According to new reports, Madonna has filed to adopt two more children in Malawi.
The singer appeared in court in the Malawian capital Lilongwe to make the application.
Madonna previously adopted two children from Malawi: David Banda in 2006 and Mercy James in 2009.
The 58-year-old star has two other children – Lourdes and Rocco – from previous relationships. Last year saw her involved in a custody dispute over Rocco with ex-husband Guy Ritchie.
Madonna eventually lost the case, with 16-year-old Rocco moving to London to live with his father.
She has yet to comment on her attempts to adopt two further children, but a government spokesman confirmed she had appeared in High Court on January 25.
Madonna flew to Malawi on January 24, fresh from the Women’s March in Washington.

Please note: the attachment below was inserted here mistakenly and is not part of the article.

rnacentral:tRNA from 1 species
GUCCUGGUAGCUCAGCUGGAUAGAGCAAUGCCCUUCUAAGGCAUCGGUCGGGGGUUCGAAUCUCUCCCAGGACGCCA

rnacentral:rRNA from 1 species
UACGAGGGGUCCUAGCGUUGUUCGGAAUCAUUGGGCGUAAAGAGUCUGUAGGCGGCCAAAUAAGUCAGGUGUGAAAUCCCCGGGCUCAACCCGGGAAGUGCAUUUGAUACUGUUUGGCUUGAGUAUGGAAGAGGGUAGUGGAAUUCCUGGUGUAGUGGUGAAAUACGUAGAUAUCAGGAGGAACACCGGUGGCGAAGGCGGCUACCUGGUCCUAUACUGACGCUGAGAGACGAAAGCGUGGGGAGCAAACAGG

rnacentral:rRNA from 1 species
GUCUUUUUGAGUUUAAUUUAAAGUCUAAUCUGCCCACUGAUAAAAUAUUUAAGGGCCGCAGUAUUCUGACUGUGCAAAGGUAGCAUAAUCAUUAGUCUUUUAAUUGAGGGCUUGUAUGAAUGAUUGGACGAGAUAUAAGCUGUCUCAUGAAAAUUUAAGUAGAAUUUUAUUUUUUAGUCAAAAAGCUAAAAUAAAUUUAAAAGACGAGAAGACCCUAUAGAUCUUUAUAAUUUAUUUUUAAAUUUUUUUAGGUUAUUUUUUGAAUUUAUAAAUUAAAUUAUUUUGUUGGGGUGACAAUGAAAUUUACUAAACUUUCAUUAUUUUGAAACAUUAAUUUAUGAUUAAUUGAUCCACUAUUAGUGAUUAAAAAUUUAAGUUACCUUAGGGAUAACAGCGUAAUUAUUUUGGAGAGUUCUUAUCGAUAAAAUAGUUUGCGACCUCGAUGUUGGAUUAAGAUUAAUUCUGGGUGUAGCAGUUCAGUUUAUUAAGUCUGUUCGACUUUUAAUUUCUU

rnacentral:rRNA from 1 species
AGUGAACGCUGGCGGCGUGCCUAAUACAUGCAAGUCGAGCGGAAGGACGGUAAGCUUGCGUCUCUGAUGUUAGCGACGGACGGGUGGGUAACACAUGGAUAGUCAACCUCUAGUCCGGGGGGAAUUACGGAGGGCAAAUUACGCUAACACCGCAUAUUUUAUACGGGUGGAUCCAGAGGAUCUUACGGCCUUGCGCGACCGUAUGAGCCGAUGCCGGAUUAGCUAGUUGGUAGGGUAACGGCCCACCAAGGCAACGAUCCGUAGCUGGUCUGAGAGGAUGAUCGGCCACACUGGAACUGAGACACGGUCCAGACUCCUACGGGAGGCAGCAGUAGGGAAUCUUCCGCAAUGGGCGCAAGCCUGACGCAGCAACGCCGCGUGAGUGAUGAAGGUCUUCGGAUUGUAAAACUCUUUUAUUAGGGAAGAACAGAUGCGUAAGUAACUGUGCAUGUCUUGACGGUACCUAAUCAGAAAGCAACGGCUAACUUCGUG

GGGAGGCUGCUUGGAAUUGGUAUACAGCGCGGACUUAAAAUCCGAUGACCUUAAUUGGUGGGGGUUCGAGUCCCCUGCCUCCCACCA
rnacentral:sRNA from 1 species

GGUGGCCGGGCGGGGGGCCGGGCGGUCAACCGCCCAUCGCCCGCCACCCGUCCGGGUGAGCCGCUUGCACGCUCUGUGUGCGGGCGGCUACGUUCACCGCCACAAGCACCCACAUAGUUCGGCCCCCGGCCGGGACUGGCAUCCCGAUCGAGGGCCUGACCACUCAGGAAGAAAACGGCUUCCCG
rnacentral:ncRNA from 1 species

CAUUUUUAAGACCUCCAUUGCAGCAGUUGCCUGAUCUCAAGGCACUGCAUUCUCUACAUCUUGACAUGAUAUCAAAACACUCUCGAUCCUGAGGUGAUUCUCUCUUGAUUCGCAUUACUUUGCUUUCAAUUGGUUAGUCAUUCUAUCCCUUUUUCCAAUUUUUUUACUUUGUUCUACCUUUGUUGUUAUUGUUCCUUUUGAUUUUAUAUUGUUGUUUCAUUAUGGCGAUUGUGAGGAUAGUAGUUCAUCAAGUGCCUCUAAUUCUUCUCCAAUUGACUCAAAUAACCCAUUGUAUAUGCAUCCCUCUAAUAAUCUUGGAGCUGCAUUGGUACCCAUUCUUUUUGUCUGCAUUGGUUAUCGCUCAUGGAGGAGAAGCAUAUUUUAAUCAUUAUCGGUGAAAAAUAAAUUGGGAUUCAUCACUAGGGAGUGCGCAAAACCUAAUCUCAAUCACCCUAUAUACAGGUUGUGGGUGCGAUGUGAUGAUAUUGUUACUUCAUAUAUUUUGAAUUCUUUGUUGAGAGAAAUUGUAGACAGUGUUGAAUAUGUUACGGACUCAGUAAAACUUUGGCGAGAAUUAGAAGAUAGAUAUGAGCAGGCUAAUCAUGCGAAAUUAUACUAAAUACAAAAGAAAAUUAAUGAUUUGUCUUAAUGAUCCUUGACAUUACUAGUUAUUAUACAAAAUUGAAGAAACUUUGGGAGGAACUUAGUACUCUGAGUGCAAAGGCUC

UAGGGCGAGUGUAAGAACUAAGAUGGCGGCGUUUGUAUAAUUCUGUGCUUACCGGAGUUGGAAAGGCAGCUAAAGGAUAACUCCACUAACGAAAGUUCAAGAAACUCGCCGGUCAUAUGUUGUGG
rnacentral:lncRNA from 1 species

Court spokesman Mlenga Mvula said the star would have to wait a week before hearing the court’s decision.
In 2013, Madonna explained her decision to become an adoptive parent in an article for Harper’s Bazaar: “I decided that I had an embarrassment of riches and that there were too many children in the world without parents or families to love them.
“I applied to an international adoption agency and went through all the bureaucracy, testing, and waiting that everyone else goes through when they adopt.”
However, Madonna was vilified in the press with some – including relatives of the adopted children – questioning her suitability as a parent.
The star called the furor “a real low point in my life”.
Madonna’s relationship with Malawi dates back to 2006, when she established the Raising Malawi foundation, with the goal of improving children’s lives.
She initially planned to build a $15 million girls’ academy, but later changed strategy, and used the money to fund a number of schools.
Raising Malawi also provides scholarships to female students, and is currently building the country’s first pediatric intensive care unit at the Queen Elizabeth Central Hospital, in Blantyre.
Madonna visited the project last summer, and took David and Mercy to visit the orphanages where they lived before being adopted.